Most of the following is an updated version of the same coverage from yesterday. Little changed today apart from the big jobs report pushing rates higher yet again. This only exacerbates the problem addressed in yesterday's commentary.
Without a shadow of a doubt, the average lender's mortgage rates are noticeably higher this week versus last week, with Friday being the worst of the bunch. Despite that fact, there were multiple news stories this week regarding a massive DROP in rates. What's up with that?
Before we continue, you may wonder who you can trust if you're getting two entirely different stories. Thankfully, you can trust both stories! The one about lower rates simply needs some qualification.
This week's misleading headlines are invariably a result of Freddie Mac's weekly mortgage rate survey. This is the longest-running and one of the most highly regarded records of interest rate movement over time. A majority of news organizations rely on it as the primary source for their once-a-week coverage of rates.
During more normal times, this strategy is good enough. The mainstream consumer of financial news doesn't particularly need a new update on rates every day (unless they're home shopping). And Freddie's data does a great job of capturing the broad, long-term trends in rates.
Unfortunately, it does a terrible job of capturing rate changes when bonds are experiencing high volatility, especially if that volatility occurs during the last 3 days of the week.
Here's why (in 2 levels of detail):
The most basic level: Freddie reports its survey results on Thursday, but collects most responses on Mon/Tue. This means news outlets are really reporting a Mon/Tue rate versus last week's Mon/Tue rate. If there's big rate movement on Wed-Fri, the headlines may suggest rates made a big move in one direction when they actually did the opposite.
The more detailed level (skip to "MBS Prices" if you're satisfied with the basic level): Freddie sends the survey out on Monday morning, and receives a majority of responses within 24 hours. It continues to accept responses through Wednesday although daily rate data suggests Wednesdays have almost no impact on the result. Results are not published until Thursday morning.
This creates an obvious problem: by the time rates are reported on Thursday, they may significantly higher or lower than they were at the beginning of the week. The problem is compounded with the previous week saw volatility in the other direction.
For instance, if last week's rates were high on Mon/Tue, then plummeted on Wed/Thu, the Freddie survey would record a result that is far too high. Then in the present week, if rates were simply unchanged at the beginning of the week, Freddie's survey would show a big drop from the previous week. From there, if rates spiked again, by Thursday, rates could be significantly higher than they were on the previous Thursday. At the exact same time, hundreds of news organizations and social media posts would be blasting out headlines about "much lower rates."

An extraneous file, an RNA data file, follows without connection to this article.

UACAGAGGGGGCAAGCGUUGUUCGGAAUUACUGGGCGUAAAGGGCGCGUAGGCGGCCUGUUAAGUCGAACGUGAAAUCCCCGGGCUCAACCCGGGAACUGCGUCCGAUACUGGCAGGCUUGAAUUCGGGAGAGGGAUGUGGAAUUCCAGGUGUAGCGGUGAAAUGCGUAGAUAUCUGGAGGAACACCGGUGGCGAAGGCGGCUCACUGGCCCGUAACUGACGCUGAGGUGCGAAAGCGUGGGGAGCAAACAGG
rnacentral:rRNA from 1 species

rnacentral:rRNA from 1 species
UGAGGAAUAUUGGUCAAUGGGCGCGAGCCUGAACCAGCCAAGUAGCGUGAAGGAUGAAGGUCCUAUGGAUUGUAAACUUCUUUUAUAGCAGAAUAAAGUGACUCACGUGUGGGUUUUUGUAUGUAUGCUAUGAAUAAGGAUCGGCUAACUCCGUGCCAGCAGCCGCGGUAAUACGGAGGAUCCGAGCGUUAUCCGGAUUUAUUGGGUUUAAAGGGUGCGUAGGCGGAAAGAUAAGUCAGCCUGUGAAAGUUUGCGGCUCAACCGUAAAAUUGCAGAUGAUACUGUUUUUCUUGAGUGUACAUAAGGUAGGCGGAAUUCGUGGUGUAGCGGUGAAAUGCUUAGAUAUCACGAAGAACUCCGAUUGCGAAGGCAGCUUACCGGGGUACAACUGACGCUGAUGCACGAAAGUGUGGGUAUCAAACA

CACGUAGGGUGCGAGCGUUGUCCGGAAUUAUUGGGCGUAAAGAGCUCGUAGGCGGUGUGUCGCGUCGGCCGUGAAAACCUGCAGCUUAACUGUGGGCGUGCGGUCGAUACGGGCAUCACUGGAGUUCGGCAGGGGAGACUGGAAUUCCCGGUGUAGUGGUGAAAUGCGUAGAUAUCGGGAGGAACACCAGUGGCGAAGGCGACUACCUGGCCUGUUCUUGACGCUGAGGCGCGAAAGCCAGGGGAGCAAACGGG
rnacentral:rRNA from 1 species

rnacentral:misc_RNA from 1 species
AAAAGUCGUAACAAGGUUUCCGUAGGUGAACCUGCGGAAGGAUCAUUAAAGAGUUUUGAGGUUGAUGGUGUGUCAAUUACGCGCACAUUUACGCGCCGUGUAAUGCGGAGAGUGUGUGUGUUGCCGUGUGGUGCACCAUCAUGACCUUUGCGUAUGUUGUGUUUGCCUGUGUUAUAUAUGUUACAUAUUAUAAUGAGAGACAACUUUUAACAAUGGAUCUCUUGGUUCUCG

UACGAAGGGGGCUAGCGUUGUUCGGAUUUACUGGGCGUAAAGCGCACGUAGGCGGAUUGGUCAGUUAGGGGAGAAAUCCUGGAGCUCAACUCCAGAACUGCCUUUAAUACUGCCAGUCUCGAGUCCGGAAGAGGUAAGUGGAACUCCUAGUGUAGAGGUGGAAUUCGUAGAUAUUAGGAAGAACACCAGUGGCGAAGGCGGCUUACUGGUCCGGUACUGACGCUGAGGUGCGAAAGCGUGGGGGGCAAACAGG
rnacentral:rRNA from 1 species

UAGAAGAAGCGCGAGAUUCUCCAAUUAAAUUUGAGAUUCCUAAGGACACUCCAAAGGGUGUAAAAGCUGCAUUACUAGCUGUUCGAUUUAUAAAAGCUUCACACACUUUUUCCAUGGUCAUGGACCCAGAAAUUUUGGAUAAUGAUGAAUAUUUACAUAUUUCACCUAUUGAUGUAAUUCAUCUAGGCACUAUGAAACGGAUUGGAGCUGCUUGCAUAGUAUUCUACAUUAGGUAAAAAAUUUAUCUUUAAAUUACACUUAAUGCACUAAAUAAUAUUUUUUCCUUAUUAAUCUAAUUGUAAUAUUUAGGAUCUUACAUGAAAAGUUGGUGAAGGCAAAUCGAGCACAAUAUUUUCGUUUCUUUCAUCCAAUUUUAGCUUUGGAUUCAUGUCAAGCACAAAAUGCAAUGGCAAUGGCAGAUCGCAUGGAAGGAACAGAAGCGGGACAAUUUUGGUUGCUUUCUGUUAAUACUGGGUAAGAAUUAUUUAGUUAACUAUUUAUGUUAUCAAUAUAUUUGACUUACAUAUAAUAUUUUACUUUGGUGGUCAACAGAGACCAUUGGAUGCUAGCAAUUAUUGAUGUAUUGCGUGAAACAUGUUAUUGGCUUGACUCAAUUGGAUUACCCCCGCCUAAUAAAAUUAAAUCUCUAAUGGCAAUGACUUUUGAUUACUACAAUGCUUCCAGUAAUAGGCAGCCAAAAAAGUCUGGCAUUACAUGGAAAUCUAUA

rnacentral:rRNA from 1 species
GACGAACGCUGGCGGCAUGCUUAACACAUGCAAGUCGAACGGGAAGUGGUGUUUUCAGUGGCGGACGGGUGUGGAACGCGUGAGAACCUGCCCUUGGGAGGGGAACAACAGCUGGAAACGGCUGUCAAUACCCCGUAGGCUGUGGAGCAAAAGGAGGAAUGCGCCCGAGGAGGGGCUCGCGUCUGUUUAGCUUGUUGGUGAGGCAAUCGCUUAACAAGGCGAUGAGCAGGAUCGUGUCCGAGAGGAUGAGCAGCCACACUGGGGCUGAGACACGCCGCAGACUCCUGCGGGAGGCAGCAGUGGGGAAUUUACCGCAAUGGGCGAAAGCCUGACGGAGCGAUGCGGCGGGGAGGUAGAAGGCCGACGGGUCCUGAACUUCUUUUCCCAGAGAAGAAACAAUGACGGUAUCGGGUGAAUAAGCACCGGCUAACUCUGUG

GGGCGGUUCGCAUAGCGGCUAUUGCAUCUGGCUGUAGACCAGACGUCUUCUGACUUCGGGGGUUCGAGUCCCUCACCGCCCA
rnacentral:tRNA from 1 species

Mortgage rates, as offered by mortgage lenders, tend to only be updated 1-3 times per day, depending on market volatility. But the bonds that determine mortgage rates (mortgage-backed securities or "MBS") move constantly. Charting that movement shows us the real-time forces affecting rates. The only catch is that MBS prices move inversely from rates. For example:
With that in mind, let's drill down on MBS price movement over the past few weeks to uncover the big issue with Freddie's rate survey.
Bottom line on mortgage rates: the timing of the past 2 Freddie surveys was as bad as it could have been with respect to painting a misleading picture of reality. It resulted in headlines proclaiming a near-record weekly drop in mortgage rates on Thursday--the same day that rates were already noticeably higher than most of the previous week.
In this week's other economic news, we can see some of the data responsible for the upward pressure on rates. In general rates move higher when economic data is stronger than expected (with expectations based on economists' forecasts).
There were two big ticket economic reports this week: Wednesday's report on the health of the services sector and Friday's official jobs data. Both were stronger than expected. The following chart shows 10yr Treasury yields, which correlate well with mortgage rates.
While these reactions were clear enough, next Wednesday brings the potential for a much bigger reaction. That's when the next installment of the monthly Consumer Price Index (CPI) is released. Whereas the jobs report is traditionally the most important economic report for rates, CPI is currently far more important because it is the most widely-followed inflation index in the US (and inflation is the driving force behind the massive rate spike in 2022).
Markets are going into next Wednesday with an open mind. CPI is the biggest game in town, but it's not the only game. To use a timely example, the services sector data mentioned above (technically the ISM Non-Manufacturing Index) also has a "prices paid" component. This is one of many ways market participants follow price trends. Clearly, prices are still very high, but like several other economic reports, the trend suggests a potential shift.
All that to say that investors aren't heading into the big CPI data with an agenda to push rates higher or lower. The market is nimble at current levels and should react in a relatively logical manner. Specifically, a big drop in inflation would almost certainly push rates lower, while a marked increase could easily send us back up to the recent highs.